A series of strongly asymmetry affected powder patterns, including some taken on the world's highest resolution diffractometer (at BM16, ESRF), was studied and produced excellent fits.

Aranda, M. A. G., Losilla, E. R., Cabeza, A. & Bruque, S. (1998).
J. Appl. Cryst. 31, 16-21.


Equations characterizing axial divergence in a conventional X-ray powder diffractometer were established by Cheary and Coelho and incorporated into a fundamental-parameters convolution synthesis and fitting program for analysing powder diffraction line profiles. Rietveld refinement with asymmetry parameters having physical meaning is now possible.

Cheary, R. W. & Coelho, A. A. (1988a). J. Appl. Cryst. 31, 851-861.
Cheary, R. W. & Coelho, A. A. (1988b). J. Appl. Cryst. 31, 862-868.


A new peak shape appeared : a Gaussian-Hermite polynomial function for X-ray diffraction profile fitting which can be employed in the cases where there are peak asymmetries.

Sánchez-Bajo, F. & Cumbrera, F. L. (1999). J. Appl. Cryst. 32, 730-735.

After a comparison of different geometries with special attention to the usage of the Cu Ka doublet, Oetzel and Heger recommend the use of monochromated Ka radiation.
Oetzel, M. & Heger, G. (1999). J. Appl. Cryst. 32, 799-807.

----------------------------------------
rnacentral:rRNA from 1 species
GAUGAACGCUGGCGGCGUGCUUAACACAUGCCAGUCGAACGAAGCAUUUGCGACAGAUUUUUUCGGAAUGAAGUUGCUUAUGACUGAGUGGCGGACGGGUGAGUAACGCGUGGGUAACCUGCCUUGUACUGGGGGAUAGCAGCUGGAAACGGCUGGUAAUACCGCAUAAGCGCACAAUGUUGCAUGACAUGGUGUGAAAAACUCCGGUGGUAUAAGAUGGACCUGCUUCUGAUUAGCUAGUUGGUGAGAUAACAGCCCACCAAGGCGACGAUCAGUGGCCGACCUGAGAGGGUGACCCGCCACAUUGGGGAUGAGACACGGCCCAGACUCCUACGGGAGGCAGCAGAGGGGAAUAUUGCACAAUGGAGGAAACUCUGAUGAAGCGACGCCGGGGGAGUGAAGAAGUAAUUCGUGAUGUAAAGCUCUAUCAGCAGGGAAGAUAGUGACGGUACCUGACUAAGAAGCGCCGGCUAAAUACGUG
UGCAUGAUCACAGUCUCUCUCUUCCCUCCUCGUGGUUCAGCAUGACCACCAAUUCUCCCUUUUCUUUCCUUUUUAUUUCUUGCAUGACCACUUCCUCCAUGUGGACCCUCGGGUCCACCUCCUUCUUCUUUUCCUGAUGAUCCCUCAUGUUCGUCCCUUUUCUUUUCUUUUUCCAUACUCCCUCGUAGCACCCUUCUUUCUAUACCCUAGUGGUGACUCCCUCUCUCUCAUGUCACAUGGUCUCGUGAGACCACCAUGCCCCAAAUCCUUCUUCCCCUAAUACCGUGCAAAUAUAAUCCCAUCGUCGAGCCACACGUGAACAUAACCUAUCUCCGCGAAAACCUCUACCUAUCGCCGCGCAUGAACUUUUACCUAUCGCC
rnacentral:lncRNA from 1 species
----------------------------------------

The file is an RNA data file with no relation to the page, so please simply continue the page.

Many sophisticated methods for quantitative analysis are applied within the Rietveld analysis. New approach permits solution of the problem due to the presence of an amorphous phase when its chemical composition is known.

Y2O3 on amorphous silica with weight 10/90%/

Riello, P., Canton, P. & Fagherazzi, G. (1998). J. Appl. Cryst. 31, 78-82.


More general models than simple ellipsoids were presented for the (hkl) dependence of diffraction-line broadening caused by strain and size for all Laue groups by Popa (1998). Indeed, it was proven that a quadratic form in h, k, l is too restrictive and inadequate for representing either a mean crystallite or the strain dispersion.  In principle, concerning size effect, the Popa models for all Laue groups hold even if there is a contribution to the peak broadening from the stacking fault. The paper suggested that it would be possible to separate the two size effects by using a refinable faulting probability, however, equations were not provided for any symmetry. This would be quite interesting for obtaining meaningful results, and not only a phenomenological approach.